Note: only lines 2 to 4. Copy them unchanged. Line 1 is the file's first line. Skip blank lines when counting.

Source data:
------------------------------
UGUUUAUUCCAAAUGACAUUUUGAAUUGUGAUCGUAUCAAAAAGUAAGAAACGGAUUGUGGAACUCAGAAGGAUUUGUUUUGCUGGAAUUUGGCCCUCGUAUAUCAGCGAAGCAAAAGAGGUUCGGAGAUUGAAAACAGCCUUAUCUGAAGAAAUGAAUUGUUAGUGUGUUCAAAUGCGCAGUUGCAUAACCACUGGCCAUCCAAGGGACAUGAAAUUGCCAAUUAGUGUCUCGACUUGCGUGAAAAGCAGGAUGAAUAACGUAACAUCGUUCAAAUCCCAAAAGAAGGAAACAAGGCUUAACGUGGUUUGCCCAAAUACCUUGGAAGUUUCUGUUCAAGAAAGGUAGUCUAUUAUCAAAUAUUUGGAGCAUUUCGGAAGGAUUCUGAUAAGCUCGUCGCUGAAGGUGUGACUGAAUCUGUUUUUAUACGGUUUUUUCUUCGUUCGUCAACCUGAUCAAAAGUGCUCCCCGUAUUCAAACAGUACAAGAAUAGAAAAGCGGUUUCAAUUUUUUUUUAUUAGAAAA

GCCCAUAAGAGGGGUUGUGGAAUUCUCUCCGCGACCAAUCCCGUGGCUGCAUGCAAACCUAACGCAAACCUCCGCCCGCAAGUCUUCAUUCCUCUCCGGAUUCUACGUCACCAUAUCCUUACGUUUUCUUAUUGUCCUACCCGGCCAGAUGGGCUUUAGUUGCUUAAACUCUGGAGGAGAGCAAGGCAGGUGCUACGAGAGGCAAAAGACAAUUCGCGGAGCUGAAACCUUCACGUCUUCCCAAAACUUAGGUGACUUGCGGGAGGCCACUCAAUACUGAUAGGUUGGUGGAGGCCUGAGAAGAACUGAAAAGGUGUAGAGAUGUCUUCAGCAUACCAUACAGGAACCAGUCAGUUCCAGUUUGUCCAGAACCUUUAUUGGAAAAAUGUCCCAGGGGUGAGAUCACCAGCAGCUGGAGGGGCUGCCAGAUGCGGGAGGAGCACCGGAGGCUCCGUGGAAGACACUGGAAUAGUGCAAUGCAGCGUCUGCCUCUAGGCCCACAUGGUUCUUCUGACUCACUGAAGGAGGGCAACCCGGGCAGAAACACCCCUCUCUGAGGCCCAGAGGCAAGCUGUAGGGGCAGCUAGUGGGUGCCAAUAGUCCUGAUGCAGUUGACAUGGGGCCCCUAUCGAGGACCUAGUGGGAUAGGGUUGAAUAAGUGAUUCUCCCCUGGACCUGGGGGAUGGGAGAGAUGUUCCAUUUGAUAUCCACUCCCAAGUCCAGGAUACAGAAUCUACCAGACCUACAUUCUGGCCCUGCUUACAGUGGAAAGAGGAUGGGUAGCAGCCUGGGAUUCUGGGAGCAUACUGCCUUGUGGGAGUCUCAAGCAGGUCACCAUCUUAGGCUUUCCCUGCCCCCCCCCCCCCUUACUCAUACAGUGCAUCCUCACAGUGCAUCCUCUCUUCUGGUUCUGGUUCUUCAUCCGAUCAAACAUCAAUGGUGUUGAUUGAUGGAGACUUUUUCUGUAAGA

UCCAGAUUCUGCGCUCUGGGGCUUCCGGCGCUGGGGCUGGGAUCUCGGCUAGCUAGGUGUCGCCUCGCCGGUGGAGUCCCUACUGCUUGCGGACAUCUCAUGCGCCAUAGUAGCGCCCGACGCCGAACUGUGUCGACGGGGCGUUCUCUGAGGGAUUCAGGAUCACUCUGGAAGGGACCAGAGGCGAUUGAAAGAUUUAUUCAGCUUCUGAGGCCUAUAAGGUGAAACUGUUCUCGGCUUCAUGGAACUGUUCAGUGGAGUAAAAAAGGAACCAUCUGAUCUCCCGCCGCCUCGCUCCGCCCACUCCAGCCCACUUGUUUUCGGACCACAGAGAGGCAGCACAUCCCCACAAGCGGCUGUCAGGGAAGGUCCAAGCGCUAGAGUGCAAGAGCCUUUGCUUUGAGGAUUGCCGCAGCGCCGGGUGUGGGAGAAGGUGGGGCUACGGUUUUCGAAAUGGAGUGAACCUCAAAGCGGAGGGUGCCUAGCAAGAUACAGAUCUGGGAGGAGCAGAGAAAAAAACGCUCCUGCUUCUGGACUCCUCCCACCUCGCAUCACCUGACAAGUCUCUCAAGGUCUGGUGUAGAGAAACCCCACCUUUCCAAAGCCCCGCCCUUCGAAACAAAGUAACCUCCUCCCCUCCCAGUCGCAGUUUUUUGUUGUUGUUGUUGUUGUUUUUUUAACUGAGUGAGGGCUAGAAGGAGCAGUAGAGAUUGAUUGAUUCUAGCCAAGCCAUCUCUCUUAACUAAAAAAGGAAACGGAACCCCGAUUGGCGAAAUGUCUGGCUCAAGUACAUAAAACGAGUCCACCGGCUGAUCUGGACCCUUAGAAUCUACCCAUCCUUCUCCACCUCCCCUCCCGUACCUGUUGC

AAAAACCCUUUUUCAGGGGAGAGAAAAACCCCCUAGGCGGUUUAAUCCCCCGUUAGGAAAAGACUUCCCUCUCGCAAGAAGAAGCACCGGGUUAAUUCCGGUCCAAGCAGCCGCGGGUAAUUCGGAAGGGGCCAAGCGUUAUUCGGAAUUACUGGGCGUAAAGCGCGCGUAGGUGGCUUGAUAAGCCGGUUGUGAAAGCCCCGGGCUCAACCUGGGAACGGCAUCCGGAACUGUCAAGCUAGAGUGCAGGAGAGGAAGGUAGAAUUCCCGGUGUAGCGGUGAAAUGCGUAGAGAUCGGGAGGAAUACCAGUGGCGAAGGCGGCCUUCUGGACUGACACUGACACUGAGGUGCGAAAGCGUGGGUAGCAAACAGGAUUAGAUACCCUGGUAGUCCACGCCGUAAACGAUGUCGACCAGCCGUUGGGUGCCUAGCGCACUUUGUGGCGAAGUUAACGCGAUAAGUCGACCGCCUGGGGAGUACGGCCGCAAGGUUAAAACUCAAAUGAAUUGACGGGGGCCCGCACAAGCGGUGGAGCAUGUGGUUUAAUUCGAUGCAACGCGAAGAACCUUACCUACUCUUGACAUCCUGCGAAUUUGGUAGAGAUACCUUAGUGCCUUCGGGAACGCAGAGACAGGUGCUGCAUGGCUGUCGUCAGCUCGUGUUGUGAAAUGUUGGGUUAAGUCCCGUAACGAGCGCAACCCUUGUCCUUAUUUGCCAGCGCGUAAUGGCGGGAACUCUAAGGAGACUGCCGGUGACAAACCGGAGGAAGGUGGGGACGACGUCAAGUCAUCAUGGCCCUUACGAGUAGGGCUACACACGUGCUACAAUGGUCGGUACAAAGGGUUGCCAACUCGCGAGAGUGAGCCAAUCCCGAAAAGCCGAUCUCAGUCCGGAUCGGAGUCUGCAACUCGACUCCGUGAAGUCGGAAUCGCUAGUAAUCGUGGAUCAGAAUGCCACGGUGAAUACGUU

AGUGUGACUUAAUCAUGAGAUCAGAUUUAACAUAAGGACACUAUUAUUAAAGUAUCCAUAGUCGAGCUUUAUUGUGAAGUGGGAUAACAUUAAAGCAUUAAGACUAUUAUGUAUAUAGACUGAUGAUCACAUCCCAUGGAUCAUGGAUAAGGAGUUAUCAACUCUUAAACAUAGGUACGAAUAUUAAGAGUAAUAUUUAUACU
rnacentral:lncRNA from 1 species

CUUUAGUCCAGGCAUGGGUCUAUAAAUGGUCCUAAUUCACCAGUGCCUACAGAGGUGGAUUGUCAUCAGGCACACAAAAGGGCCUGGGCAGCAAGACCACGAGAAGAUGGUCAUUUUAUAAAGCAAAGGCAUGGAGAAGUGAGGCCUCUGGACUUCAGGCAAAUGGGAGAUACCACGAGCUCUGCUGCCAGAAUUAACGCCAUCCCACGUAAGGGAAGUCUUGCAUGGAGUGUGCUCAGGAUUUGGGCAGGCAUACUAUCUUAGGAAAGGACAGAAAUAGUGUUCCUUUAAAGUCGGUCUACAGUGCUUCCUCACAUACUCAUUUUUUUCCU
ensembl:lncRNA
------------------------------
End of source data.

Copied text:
GCCCAUAAGAGGGGUUGUGGAAUUCUCUCCGCGACCAAUCCCGUGGCUGCAUGCAAACCUAACGCAAACCUCCGCCCGCAAGUCUUCAUUCCUCUCCGGAUUCUACGUCACCAUAUCCUUACGUUUUCUUAUUGUCCUACCCGGCCAGAUGGGCUUUAGUUGCUUAAACUCUGGAGGAGAGCAAGGCAGGUGCUACGAGAGGCAAAAGACAAUUCGCGGAGCUGAAACCUUCACGUCUUCCCAAAACUUAGGUGACUUGCGGGAGGCCACUCAAUACUGAUAGGUUGGUGGAGGCCUGAGAAGAACUGAAAAGGUGUAGAGAUGUCUUCAGCAUACCAUACAGGAACCAGUCAGUUCCAGUUUGUCCAGAACCUUUAUUGGAAAAAUGUCCCAGGGGUGAGAUCACCAGCAGCUGGAGGGGCUGCCAGAUGCGGGAGGAGCACCGGAGGCUCCGUGGAAGACACUGGAAUAGUGCAAUGCAGCGUCUGCCUCUAGGCCCACAUGGUUCUUCUGACUCACUGAAGGAGGGCAACCCGGGCAGAAACACCCCUCUCUGAGGCCCAGAGGCAAGCUGUAGGGGCAGCUAGUGGGUGCCAAUAGUCCUGAUGCAGUUGACAUGGGGCCCCUAUCGAGGACCUAGUGGGAUAGGGUUGAAUAAGUGAUUCUCCCCUGGACCUGGGGGAUGGGAGAGAUGUUCCAUUUGAUAUCCACUCCCAAGUCCAGGAUACAGAAUCUACCAGACCUACAUUCUGGCCCUGCUUACAGUGGAAAGAGGAUGGGUAGCAGCCUGGGAUUCUGGGAGCAUACUGCCUUGUGGGAGUCUCAAGCAGGUCACCAUCUUAGGCUUUCCCUGCCCCCCCCCCCCCUUACUCAUACAGUGCAUCCUCACAGUGCAUCCUCUCUUCUGGUUCUGGUUCUUCAUCCGAUCAAACAUCAAUGGUGUUGAUUGAUGGAGACUUUUUCUGUAAGA

UCCAGAUUCUGCGCUCUGGGGCUUCCGGCGCUGGGGCUGGGAUCUCGGCUAGCUAGGUGUCGCCUCGCCGGUGGAGUCCCUACUGCUUGCGGACAUCUCAUGCGCCAUAGUAGCGCCCGACGCCGAACUGUGUCGACGGGGCGUUCUCUGAGGGAUUCAGGAUCACUCUGGAAGGGACCAGAGGCGAUUGAAAGAUUUAUUCAGCUUCUGAGGCCUAUAAGGUGAAACUGUUCUCGGCUUCAUGGAACUGUUCAGUGGAGUAAAAAAGGAACCAUCUGAUCUCCCGCCGCCUCGCUCCGCCCACUCCAGCCCACUUGUUUUCGGACCACAGAGAGGCAGCACAUCCCCACAAGCGGCUGUCAGGGAAGGUCCAAGCGCUAGAGUGCAAGAGCCUUUGCUUUGAGGAUUGCCGCAGCGCCGGGUGUGGGAGAAGGUGGGGCUACGGUUUUCGAAAUGGAGUGAACCUCAAAGCGGAGGGUGCCUAGCAAGAUACAGAUCUGGGAGGAGCAGAGAAAAAAACGCUCCUGCUUCUGGACUCCUCCCACCUCGCAUCACCUGACAAGUCUCUCAAGGUCUGGUGUAGAGAAACCCCACCUUUCCAAAGCCCCGCCCUUCGAAACAAAGUAACCUCCUCCCCUCCCAGUCGCAGUUUUUUGUUGUUGUUGUUGUUGUUUUUUUAACUGAGUGAGGGCUAGAAGGAGCAGUAGAGAUUGAUUGAUUCUAGCCAAGCCAUCUCUCUUAACUAAAAAAGGAAACGGAACCCCGAUUGGCGAAAUGUCUGGCUCAAGUACAUAAAACGAGUCCACCGGCUGAUCUGGACCCUUAGAAUCUACCCAUCCUUCUCCACCUCCCCUCCCGUACCUGUUGC

AAAAACCCUUUUUCAGGGGAGAGAAAAACCCCCUAGGCGGUUUAAUCCCCCGUUAGGAAAAGACUUCCCUCUCGCAAGAAGAAGCACCGGGUUAAUUCCGGUCCAAGCAGCCGCGGGUAAUUCGGAAGGGGCCAAGCGUUAUUCGGAAUUACUGGGCGUAAAGCGCGCGUAGGUGGCUUGAUAAGCCGGUUGUGAAAGCCCCGGGCUCAACCUGGGAACGGCAUCCGGAACUGUCAAGCUAGAGUGCAGGAGAGGAAGGUAGAAUUCCCGGUGUAGCGGUGAAAUGCGUAGAGAUCGGGAGGAAUACCAGUGGCGAAGGCGGCCUUCUGGACUGACACUGACACUGAGGUGCGAAAGCGUGGGUAGCAAACAGGAUUAGAUACCCUGGUAGUCCACGCCGUAAACGAUGUCGACCAGCCGUUGGGUGCCUAGCGCACUUUGUGGCGAAGUUAACGCGAUAAGUCGACCGCCUGGGGAGUACGGCCGCAAGGUUAAAACUCAAAUGAAUUGACGGGGGCCCGCACAAGCGGUGGAGCAUGUGGUUUAAUUCGAUGCAACGCGAAGAACCUUACCUACUCUUGACAUCCUGCGAAUUUGGUAGAGAUACCUUAGUGCCUUCGGGAACGCAGAGACAGGUGCUGCAUGGCUGUCGUCAGCUCGUGUUGUGAAAUGUUGGGUUAAGUCCCGUAACGAGCGCAACCCUUGUCCUUAUUUGCCAGCGCGUAAUGGCGGGAACUCUAAGGAGACUGCCGGUGACAAACCGGAGGAAGGUGGGGACGACGUCAAGUCAUCAUGGCCCUUACGAGUAGGGCUACACACGUGCUACAAUGGUCGGUACAAAGGGUUGCCAACUCGCGAGAGUGAGCCAAUCCCGAAAAGCCGAUCUCAGUCCGGAUCGGAGUCUGCAACUCGACUCCGUGAAGUCGGAAUCGCUAGUAAUCGUGGAUCAGAAUGCCACGGUGAAUACGUU